Passive diffusion of weak organic electrolytes across Caco-2 cell monolayers: Uncoupling the contributions of hydrodynamic, transcellular, and paracellular barriers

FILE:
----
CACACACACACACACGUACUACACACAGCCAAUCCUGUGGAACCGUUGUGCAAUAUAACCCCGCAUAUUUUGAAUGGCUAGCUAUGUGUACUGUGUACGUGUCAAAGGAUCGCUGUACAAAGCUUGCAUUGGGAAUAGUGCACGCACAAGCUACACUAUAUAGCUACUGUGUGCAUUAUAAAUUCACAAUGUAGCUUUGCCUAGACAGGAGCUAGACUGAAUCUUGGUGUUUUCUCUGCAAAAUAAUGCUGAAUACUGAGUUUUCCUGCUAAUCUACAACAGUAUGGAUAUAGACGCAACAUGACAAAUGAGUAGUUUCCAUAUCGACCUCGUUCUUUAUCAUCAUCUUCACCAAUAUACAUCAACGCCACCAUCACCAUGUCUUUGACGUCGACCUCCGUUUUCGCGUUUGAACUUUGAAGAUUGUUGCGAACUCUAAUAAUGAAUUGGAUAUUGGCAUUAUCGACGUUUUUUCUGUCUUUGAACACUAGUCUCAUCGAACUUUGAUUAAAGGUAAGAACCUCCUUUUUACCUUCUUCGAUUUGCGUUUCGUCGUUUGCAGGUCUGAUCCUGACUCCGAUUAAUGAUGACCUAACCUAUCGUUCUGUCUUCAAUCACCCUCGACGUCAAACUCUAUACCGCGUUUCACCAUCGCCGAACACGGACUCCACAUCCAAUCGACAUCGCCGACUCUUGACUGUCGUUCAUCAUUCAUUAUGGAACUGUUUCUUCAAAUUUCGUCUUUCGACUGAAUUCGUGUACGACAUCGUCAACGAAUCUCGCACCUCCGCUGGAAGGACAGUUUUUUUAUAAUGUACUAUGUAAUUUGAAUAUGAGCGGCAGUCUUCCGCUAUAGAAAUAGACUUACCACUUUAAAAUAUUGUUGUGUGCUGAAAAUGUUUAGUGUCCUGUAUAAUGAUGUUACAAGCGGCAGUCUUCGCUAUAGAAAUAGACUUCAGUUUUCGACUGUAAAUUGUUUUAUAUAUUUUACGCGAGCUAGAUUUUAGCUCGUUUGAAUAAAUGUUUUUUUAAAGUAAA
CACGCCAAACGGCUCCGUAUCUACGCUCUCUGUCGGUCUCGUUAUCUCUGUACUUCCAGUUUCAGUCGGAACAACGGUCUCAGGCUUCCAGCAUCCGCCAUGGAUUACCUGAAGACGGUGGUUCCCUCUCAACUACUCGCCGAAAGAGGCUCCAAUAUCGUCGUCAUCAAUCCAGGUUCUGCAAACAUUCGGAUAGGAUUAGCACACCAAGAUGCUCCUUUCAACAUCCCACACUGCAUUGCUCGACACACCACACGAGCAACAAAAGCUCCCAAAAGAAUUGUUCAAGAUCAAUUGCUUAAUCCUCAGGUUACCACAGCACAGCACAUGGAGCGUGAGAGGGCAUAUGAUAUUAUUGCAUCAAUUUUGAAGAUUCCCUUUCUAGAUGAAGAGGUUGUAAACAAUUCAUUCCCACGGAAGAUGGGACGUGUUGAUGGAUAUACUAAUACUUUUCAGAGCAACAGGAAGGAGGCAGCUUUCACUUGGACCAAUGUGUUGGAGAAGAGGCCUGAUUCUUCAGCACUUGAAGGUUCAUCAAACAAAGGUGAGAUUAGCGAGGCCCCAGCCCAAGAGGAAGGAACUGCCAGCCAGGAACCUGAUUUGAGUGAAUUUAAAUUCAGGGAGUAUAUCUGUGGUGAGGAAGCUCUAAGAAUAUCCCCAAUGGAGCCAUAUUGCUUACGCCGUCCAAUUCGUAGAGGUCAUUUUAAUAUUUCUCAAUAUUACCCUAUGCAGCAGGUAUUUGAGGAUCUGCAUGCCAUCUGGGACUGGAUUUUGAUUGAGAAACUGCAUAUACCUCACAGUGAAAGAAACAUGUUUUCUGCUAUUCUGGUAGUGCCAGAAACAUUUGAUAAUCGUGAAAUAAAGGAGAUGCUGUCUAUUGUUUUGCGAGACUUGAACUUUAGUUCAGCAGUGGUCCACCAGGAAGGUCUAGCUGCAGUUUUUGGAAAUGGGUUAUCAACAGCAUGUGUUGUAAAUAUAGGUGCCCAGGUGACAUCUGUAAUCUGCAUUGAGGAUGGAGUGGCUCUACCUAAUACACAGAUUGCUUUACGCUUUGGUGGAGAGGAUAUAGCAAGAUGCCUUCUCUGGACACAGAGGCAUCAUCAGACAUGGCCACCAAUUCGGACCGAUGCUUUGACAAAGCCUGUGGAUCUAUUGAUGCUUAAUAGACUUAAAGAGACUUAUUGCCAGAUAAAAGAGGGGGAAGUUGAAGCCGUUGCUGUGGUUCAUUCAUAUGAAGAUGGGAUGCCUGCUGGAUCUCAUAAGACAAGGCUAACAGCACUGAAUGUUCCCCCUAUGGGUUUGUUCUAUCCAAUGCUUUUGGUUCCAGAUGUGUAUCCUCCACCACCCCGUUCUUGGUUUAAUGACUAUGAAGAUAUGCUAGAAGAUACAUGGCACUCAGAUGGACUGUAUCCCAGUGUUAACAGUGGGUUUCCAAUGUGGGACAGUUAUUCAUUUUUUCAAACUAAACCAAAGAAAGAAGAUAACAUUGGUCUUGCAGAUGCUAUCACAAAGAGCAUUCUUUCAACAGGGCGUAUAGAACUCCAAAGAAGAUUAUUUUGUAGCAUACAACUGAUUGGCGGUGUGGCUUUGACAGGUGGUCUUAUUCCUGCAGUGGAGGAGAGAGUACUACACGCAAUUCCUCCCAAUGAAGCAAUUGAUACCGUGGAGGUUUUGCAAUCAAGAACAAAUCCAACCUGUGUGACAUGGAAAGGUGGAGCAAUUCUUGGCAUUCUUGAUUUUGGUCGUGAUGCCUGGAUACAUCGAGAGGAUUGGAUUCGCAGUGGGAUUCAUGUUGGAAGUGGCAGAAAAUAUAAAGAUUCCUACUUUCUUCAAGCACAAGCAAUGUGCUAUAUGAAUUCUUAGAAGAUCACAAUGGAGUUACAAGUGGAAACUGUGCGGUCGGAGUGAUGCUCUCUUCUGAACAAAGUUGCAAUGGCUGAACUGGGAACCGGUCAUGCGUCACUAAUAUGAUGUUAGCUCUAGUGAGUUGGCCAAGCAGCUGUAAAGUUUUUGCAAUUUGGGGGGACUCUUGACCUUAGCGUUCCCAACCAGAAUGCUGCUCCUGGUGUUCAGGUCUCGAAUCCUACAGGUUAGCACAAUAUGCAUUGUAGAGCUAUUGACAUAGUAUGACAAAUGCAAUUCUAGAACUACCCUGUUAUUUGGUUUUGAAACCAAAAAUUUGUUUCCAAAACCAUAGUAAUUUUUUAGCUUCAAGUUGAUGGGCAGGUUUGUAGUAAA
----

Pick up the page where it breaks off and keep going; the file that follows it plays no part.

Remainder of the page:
A systematic approach was used to demonstrate the quantitative interplay of pH, pKa, lipophilicity, charged and uncharged molecular species, molecular size, aqueous diffusivity, and stirring in passive transport across the aqueous boundary layer, microporous filter support, and transcellular and paracellular barriers in Caco-2 cell monolayers. The relationship of permeability of the aqueous boundary layer and hydrodynamic stirring was elucidated from transmonolayer fluxes of testosterone. Adrenergic receptor antagonists including propranolol (PPL), alprenolol (APL), pindolol (PDL), and atenolol (ATL) represented the model series of structurally similar weak bases with pKa values between 8.8 and 9.65. Although intrinsically lipophilic, their apparent log PC (n-octanol/water) at pH 7.4 and 6.5 ranged from −2.6 to 1.3. Effective permeability coefficients (Pe) correlated with log PC at both pH 7.4 and 6.5 showing a single sigmoidal-like curve: PPL > APL > PDL ≥ ATL. The Pe approached a minimum plateau value established by the protonated ATL for the paracellular route (pore radius of 12 Å) by molecular size-restricted diffusion within a negative electrostatic field of force. The Pe of the weak bases was delineated into component permeability coefficients of the aqueous boundary layer and porous filter support, the intrinsic permeabilities of charged and uncharged species for the transcellular and paracellular routes, and the extent to which the routes were utilized at each pH. This study emphasized a generally applicable approach to quantitatively analyze passive transport data on weak organic electrolytes and neutral molecules generated using cell culture monolayers.